Who Figured Out How to Make Leavened Bread?

Someone had to be the first person to figure out yeast. What do we know about the first sourdough starter?

A loaf of leavened bread against a yellow background
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In the Old Testament story of Exodus, once the pharaoh finally agreed to let the Israelites go—after the plagues of frogs, boils, lice, and more—the Israelites justifiably feared he would change his mind. And so they fled. They left in such haste, according to the Old Testament, that they didn’t even have time to let their dough rise.

I have always thought a bread making detail like the timing of a dough’s fermentation seemed like an odd way of illustrating the Israelite rush. But as I’m now discovering, there’s a link between long hours in one’s dwelling and the comfort of guiding a dough’s slow rise. Over this past month, as a plague has kept me home, I’ve found myself in somewhat of the reverse bind of the Israelites. And my response has been to do what they could not: reach into the back of my fridge and refresh my old sourdough starter.

Of course, I’m not alone in making fresh bread. By some estimates, yeast sales have increased as much as 600 percent over the past month. From a strictly practical perspective, this doesn’t actually make much sense. Fermentation adds almost no nutritional value to bread, so if this were simply about calories in a time of crisis, there are far more efficient options. But of course, it’s not just about calories. Leavened bread is a culture, a comfort, and a celebration. It’s an art as much as it is a food. And it turns out it began that way.

For my book Who Ate the First Oyster? I learned about all kinds of ancient inventors and their discoveries—from who rode the first horse to who wore the first pants—but America’s quarantine-inspired embrace of baking made me wonder: Who discovered the magic of yeast and dough, started the first sourdough starter, and baked the first leavened loaf?

As the bioarcheologist Andreas Heiss notes, baked bread is one of the most elaborate, time-consuming, and difficult cereal foods you can make. So when the first bread makers—a group of hunter-gatherers living in the Middle East 14,000 years ago now called the Natufians—baked the first flatbreads, they made them as celebratory foods, not as staples. Bread began as the Natufian version of our wedding cake. It was the decorative food of ceremony, not a rational expenditure of effort for calories.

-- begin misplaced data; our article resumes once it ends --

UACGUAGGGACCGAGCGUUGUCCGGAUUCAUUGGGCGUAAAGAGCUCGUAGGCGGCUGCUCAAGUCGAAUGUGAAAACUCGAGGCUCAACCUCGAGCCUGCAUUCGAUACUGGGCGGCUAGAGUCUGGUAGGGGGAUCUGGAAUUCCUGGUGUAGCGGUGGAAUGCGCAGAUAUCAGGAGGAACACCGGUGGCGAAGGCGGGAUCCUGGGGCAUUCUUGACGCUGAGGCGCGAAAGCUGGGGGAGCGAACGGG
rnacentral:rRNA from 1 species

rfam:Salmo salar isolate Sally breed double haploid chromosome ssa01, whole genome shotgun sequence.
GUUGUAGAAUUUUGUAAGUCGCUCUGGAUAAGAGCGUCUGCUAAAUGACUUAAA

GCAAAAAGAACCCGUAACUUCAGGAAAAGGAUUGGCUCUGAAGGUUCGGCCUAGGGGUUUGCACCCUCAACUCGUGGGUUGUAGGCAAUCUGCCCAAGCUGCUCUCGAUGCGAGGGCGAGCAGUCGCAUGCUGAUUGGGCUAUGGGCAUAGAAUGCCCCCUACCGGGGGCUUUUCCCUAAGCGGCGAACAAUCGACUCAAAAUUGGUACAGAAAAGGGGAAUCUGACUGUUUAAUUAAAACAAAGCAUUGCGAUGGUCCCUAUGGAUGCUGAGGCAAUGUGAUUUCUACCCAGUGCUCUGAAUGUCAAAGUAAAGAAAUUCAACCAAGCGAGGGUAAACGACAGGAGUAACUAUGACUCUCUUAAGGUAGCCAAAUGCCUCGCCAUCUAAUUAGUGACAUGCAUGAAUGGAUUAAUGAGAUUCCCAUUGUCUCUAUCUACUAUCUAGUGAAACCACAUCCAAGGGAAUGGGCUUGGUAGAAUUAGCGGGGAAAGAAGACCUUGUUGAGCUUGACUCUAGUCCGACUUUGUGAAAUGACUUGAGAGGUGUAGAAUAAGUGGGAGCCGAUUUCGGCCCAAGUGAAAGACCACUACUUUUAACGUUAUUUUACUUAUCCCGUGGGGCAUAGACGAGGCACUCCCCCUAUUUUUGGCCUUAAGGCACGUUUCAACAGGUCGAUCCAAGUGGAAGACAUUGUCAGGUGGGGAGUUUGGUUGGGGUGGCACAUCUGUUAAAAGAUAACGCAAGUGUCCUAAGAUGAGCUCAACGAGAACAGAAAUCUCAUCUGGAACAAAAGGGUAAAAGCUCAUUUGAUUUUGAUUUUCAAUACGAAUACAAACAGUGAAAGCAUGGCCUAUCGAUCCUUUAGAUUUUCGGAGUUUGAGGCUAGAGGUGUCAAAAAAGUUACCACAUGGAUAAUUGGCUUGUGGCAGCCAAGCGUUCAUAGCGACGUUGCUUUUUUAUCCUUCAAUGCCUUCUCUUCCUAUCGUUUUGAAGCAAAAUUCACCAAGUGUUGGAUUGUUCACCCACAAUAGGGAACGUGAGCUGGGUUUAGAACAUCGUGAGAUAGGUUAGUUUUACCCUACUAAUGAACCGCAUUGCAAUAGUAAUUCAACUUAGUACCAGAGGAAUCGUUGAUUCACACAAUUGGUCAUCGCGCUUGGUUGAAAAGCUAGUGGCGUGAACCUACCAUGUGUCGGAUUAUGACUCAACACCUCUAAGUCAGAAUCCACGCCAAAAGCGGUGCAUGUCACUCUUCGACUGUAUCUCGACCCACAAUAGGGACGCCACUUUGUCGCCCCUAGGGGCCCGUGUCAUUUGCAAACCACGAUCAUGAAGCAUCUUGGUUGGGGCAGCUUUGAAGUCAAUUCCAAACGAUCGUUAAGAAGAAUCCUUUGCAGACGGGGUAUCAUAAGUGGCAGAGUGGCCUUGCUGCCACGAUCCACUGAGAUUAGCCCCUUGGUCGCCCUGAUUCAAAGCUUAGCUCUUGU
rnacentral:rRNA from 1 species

Yet there’s no evidence the Natufians leavened their bread, the archaeobotanist Amaia Arranz Otaegui wrote to me in an email. When she examined the world’s oldest crumbs she found no hint of yeast, and besides, she adds, the Natufians did not have the domed ovens needed to properly bake a leavened loaf.

Domed ovens, and not coincidentally leavened bread, did not arise for another 5,000 years. Yet ovens did not invent leavened bread—they simply made it possible.

Risen bread required an inventor. A culinary champion. Someone with an adventuresome palate to combine their artistry with their courage in a moment of carelessness.

Who was this ancient hero, and how did she invent the leavened loaf?

Let’s call her Mary, after Mary Berry, the baker and co-host of The Great British Baking Show whose work this extended quarantine has provided me the time to enjoy. And I’ll call Mary a “her” because there’s at least some evidence from Neolithic skeletons that women processed the bulk of the cereals. Though gender roles in ancient times remain somewhat of a mystery, one study by the researcher Theya Molleson of London’s Natural History Museum found that Neolithic women more frequently suffered from the kinds of osteoarthritis in their toes and lower backs that indicate grinding seeds using the awkward and physically demanding querns and hand stones of the time.